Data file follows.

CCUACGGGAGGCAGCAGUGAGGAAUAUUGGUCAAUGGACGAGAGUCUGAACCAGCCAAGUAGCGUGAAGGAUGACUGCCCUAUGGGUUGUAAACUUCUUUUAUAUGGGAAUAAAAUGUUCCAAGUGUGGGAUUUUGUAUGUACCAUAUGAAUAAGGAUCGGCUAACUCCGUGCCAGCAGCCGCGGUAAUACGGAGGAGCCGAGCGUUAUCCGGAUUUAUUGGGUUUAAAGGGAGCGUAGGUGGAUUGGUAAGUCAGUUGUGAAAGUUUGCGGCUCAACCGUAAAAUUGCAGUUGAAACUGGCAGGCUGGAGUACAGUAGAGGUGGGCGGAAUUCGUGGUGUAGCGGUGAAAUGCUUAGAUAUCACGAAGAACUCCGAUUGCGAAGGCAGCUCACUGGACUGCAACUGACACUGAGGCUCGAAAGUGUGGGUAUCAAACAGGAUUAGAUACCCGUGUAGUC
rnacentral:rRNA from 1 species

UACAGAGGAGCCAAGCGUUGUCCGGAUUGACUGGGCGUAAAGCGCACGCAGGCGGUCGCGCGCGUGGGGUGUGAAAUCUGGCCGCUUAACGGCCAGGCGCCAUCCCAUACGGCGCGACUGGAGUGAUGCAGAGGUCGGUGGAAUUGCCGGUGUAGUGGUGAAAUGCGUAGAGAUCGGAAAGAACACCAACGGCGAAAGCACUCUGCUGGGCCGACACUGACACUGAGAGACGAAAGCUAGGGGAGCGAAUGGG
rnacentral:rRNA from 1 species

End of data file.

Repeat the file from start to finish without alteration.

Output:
CCUACGGGAGGCAGCAGUGAGGAAUAUUGGUCAAUGGACGAGAGUCUGAACCAGCCAAGUAGCGUGAAGGAUGACUGCCCUAUGGGUUGUAAACUUCUUUUAUAUGGGAAUAAAAUGUUCCAAGUGUGGGAUUUUGUAUGUACCAUAUGAAUAAGGAUCGGCUAACUCCGUGCCAGCAGCCGCGGUAAUACGGAGGAGCCGAGCGUUAUCCGGAUUUAUUGGGUUUAAAGGGAGCGUAGGUGGAUUGGUAAGUCAGUUGUGAAAGUUUGCGGCUCAACCGUAAAAUUGCAGUUGAAACUGGCAGGCUGGAGUACAGUAGAGGUGGGCGGAAUUCGUGGUGUAGCGGUGAAAUGCUUAGAUAUCACGAAGAACUCCGAUUGCGAAGGCAGCUCACUGGACUGCAACUGACACUGAGGCUCGAAAGUGUGGGUAUCAAACAGGAUUAGAUACCCGUGUAGUC
rnacentral:rRNA from 1 species

UACAGAGGAGCCAAGCGUUGUCCGGAUUGACUGGGCGUAAAGCGCACGCAGGCGGUCGCGCGCGUGGGGUGUGAAAUCUGGCCGCUUAACGGCCAGGCGCCAUCCCAUACGGCGCGACUGGAGUGAUGCAGAGGUCGGUGGAAUUGCCGGUGUAGUGGUGAAAUGCGUAGAGAUCGGAAAGAACACCAACGGCGAAAGCACUCUGCUGGGCCGACACUGACACUGAGAGACGAAAGCUAGGGGAGCGAAUGGG
rnacentral:rRNA from 1 species